4 Min Read
(Reuters) - Peabody Energy Corp (BTU.N) reported lower second-quarter earnings on Tuesday and forecast a third-quarter profit well below Wall Street expectations amid weak coal markets, sending it shares down 10 percent.
Profit margins at Peabody's Australian coal operations fell by more than half in the latest quarter, while U.S. margins rose, the company said, although U.S. production volumes slipped.
Last month Peabody cut its capital budget for the year by 8 percent due to weak demand for thermal coal as power producers turned to cheap supplies of natural gas.
For years, coal-fired power plants supplied about half the U.S. power market, but that share has shrunk as vast new supplies of natural gas have come on line, pushing prices for that fuel to their lowest levels in a decade in April.
U.S. power production from natural gas nearly matched the output from coal-fired plants for the first four months of 2012, with each of the fuels contributing 32 percent of the nation's power.
But a recent rebound in the cost of U.S. natural gas has helped boost demand for coal, Peabody said. Coal prices rose in the Midwest and West in the second quarter.
"U.S. coal markets have shown some positive signals, but significant recovery is not yet at hand," Chief Executive Greg Boyce told a conference call.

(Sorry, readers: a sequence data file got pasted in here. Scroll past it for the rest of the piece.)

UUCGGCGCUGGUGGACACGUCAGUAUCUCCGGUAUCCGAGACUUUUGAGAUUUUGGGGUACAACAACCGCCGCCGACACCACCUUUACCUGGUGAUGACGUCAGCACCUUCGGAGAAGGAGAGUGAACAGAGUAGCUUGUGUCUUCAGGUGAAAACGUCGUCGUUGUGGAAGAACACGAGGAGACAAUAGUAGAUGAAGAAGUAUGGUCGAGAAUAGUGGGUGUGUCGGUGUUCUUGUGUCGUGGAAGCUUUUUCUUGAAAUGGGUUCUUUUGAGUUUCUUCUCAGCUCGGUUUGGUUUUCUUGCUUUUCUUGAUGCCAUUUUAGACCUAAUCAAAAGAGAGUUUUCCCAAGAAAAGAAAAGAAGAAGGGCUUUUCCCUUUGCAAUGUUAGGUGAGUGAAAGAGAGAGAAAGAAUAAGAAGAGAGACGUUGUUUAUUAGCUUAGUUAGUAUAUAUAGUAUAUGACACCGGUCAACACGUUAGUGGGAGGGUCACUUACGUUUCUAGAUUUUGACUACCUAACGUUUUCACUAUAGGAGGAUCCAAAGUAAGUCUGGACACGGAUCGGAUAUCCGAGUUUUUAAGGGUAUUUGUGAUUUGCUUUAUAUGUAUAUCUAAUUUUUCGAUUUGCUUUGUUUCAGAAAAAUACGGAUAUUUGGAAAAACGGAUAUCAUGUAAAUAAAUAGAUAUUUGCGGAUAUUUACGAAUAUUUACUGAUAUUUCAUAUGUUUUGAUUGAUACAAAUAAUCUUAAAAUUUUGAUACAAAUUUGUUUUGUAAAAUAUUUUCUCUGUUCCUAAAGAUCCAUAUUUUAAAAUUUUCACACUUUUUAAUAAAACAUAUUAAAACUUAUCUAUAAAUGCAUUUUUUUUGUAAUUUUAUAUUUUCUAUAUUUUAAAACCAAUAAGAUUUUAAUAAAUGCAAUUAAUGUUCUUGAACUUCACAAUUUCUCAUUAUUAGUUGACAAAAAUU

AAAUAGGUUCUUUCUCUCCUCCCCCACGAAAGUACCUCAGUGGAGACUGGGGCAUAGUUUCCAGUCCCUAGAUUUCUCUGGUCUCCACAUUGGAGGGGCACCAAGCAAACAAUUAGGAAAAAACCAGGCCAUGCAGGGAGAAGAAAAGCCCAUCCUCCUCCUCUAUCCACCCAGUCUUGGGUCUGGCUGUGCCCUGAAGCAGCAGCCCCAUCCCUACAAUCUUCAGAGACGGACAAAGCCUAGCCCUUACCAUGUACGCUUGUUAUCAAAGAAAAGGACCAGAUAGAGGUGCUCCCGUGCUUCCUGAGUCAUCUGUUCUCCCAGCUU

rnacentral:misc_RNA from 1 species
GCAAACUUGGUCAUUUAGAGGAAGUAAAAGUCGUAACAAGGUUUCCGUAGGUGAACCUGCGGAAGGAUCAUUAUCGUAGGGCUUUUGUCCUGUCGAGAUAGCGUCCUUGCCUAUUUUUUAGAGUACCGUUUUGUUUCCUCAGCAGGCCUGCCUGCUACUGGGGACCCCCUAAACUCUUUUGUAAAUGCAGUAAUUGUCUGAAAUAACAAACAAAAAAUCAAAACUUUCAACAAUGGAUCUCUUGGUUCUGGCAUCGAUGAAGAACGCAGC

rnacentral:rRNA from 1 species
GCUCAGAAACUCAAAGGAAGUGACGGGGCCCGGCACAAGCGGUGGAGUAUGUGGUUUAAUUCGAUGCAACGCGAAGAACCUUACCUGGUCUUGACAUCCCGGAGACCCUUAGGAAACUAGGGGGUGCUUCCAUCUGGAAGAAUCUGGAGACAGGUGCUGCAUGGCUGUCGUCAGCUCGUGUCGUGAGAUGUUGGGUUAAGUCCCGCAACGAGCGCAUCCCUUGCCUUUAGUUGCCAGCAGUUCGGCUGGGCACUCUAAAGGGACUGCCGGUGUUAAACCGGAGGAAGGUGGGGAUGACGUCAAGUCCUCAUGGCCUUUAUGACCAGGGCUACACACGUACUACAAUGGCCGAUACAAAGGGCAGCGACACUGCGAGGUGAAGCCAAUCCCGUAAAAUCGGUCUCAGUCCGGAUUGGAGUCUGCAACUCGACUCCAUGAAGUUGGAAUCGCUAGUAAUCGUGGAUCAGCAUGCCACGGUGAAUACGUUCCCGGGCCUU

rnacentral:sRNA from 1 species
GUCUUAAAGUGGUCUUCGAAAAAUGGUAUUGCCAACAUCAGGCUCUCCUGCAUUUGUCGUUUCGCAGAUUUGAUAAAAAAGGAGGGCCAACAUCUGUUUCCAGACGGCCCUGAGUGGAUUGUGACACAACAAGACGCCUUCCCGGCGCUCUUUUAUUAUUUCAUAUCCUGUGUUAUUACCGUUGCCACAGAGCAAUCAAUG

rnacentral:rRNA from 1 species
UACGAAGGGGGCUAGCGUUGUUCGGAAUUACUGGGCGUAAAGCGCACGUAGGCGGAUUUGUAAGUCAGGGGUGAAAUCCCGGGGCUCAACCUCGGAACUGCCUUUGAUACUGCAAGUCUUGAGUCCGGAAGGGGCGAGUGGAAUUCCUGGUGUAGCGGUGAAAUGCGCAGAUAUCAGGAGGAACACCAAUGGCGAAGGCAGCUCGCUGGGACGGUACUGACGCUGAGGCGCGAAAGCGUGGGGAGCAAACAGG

Global demand for coal is still expected to grow, largely from customers in Asia, he said, and coal's share of total energy demand has risen to 30 percent, the highest level since 1969.
Peabody's second-quarter net earnings were $204.7 million, or 75 cents per share, compared with $284.8 million, or $1.05 per share, a year earlier.
Excluding a $59.7 million tax benefit, earnings were 51 cents a share, falling short of analysts' average forecast of 53 cents, according to Thomson Reuters I/B/E/S.
Revenue rose nearly 1 percent to $2.0 billion, slightly below analysts' forecast of $2.06 billion.
The company said it had repurchased $242 million of bonds and $100 million of shares during the quarter.
The St. Louis-based company said third-quarter earnings before one-time items would be 20 cents to 45 cents a share, well below the 65 cents that analysts have forecast.
Peabody also trimmed its full-year coal sales forecast by 5 million tons to between 230 million and 250 million tons. It now expects Australian sales of 31 million to 34 million tons, down 2 million tons from its previous estimate.
"The volumes we've reduced in Australia are really the result of underperformance at our contractor-operated mines," Boyce said, and the company was proceeding with plans to take over more of those operations next year.
Rival Arch Coal Inc ACI.N has cut about a tenth of its workforce, closed three higher-cost mining complexes and reduced capital spending, while Alpha Natural Resources ANR.N has stopped production at four mines, reduced output and cut jobs.
Patriot Coal PCXCQ.PK, which was spun off from Peabody in 2007, filed for Chapter 11 bankruptcy protection earlier this month.
Shares of Peabody fell 10.5 percent to $20.72 in midday trading.
Reporting by Matt Daily in New York; Editing by Lisa Von Ahn and Dale Hudson